AB 45 requires the California Department of Health (DPH) to develop regulations on the sale of CBD-based products within the state. While this might take some time, the DPH must prepare a report to the state legislature and governor on or before July 1, 2022, stating the required measures to allow the incorporation of hemp-sourced CBD into the cannabis supply chain. The bill prohibits the manufacture or sale of hemp products with more than 0.3% THC, in line with the 2018 Farm Bill. It requires all CBD-infused food and dietary supplement manufacturers to register with the DPH and demonstrate that the plant parts used in manufacturing are from a state that has already established an industrial hemp program.
AB 45 stipulates that dietary supplements, foods, and beverages produced and sold in California are not contaminated by including hemp-derived CBD once they meet the specified requirements. However, the bill forbids distributors, sellers, and manufacturers from misleading the public with false statements on product labels regarding the health benefits of consuming their CBD-based products. It equally prohibits the manufacture and sale of inhalable CBD products until the state enacts a tax on such products, except if they are intended for sale outside California.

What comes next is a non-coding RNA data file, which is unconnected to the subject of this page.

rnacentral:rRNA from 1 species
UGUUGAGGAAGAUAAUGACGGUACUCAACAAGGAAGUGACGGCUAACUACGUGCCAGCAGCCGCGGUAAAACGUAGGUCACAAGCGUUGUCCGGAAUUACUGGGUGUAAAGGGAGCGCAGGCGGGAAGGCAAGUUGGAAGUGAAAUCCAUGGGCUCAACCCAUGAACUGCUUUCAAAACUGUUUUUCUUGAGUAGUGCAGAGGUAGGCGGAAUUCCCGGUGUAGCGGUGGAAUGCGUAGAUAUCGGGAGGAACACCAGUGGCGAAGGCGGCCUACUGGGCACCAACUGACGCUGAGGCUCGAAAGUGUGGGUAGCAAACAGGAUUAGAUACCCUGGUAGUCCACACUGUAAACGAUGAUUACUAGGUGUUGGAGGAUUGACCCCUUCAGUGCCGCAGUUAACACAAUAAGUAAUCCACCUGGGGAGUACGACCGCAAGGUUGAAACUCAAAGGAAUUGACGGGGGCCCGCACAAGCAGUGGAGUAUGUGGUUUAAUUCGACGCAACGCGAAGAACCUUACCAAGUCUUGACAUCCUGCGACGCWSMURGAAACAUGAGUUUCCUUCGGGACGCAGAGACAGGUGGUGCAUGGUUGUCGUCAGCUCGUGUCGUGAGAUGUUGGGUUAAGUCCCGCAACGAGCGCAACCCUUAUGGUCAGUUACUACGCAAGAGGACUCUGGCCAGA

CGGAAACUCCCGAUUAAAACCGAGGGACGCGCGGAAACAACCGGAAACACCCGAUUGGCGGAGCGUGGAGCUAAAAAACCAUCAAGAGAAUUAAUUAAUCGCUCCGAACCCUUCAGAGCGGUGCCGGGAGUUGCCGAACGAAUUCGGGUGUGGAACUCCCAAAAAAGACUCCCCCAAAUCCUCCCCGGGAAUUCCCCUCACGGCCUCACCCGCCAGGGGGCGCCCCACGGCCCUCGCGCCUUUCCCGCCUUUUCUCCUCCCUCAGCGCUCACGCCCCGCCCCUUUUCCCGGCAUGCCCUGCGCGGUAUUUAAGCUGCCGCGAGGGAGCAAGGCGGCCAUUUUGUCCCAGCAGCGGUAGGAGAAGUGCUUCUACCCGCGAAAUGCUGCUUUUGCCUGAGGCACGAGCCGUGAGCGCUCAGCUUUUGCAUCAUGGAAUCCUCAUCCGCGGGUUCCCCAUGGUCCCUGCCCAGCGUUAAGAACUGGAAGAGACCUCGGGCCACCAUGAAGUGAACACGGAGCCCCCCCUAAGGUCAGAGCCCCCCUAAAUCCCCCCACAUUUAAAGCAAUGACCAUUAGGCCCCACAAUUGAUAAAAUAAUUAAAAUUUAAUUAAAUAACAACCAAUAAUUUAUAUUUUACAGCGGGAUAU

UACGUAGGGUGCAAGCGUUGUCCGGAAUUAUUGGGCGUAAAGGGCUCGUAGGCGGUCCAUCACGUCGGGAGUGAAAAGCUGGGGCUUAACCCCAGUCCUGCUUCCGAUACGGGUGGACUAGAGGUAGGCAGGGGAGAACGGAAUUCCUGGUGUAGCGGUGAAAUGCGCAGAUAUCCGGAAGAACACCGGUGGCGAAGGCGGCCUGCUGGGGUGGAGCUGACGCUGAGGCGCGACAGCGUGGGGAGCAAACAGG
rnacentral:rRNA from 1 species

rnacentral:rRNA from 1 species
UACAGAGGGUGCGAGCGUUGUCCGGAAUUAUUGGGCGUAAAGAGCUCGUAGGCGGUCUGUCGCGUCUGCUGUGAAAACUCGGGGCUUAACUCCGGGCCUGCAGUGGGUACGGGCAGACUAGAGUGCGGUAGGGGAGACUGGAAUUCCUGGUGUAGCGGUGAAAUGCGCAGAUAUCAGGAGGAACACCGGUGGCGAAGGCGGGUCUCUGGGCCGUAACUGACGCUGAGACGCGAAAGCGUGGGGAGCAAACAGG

Any person 21 years or older can possess CBD in California. However, as of November 2021, the state has no established possession limits on CBD oil or other CBD products. To use a cannabis-derived CBD oil in California, a person under 18 years requires a medical card. However, they need parental/legal guardian consent and a doctor's recommendation to obtain such a card.
Doctors can only recommend CBD oil or other CBD products (hemp or marijuana-derived) in California and cannot prescribe them despite being one of the states where medical marijuana is legal. Essentially, no one needs a doctor's prescription to use any CBD products legally in the state. California treats CBD as a non-prescription medicine, and the state's marijuana laws permit anyone of legal age to purchase and use it.